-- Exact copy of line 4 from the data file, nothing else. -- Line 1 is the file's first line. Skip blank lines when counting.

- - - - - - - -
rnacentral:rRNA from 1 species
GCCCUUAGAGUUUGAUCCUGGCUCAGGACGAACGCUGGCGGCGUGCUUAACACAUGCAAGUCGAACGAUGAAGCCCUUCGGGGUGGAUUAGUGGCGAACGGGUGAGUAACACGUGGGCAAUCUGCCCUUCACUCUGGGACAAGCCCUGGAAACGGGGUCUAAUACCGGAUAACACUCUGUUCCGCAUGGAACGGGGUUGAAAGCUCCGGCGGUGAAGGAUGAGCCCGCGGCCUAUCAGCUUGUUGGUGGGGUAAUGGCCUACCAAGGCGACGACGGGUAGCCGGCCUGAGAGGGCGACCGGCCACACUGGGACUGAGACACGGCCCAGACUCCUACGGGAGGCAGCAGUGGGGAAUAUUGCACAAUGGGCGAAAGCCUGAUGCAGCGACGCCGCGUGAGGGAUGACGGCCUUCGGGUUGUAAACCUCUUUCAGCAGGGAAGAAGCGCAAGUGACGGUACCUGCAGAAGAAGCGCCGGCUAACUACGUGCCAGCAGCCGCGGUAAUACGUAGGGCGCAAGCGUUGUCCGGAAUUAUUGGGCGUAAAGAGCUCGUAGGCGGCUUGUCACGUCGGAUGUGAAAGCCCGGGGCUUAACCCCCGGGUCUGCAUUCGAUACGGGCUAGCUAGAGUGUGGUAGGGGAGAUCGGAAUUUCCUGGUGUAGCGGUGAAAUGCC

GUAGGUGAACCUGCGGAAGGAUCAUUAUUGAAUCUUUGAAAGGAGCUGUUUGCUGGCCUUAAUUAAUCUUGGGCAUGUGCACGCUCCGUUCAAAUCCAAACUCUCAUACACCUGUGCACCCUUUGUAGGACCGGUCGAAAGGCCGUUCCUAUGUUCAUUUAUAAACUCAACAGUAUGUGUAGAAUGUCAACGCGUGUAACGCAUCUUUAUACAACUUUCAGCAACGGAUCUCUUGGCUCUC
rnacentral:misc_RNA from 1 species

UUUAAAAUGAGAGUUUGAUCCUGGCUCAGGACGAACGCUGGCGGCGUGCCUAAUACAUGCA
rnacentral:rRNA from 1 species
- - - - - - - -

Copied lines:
rnacentral:misc_RNA from 1 species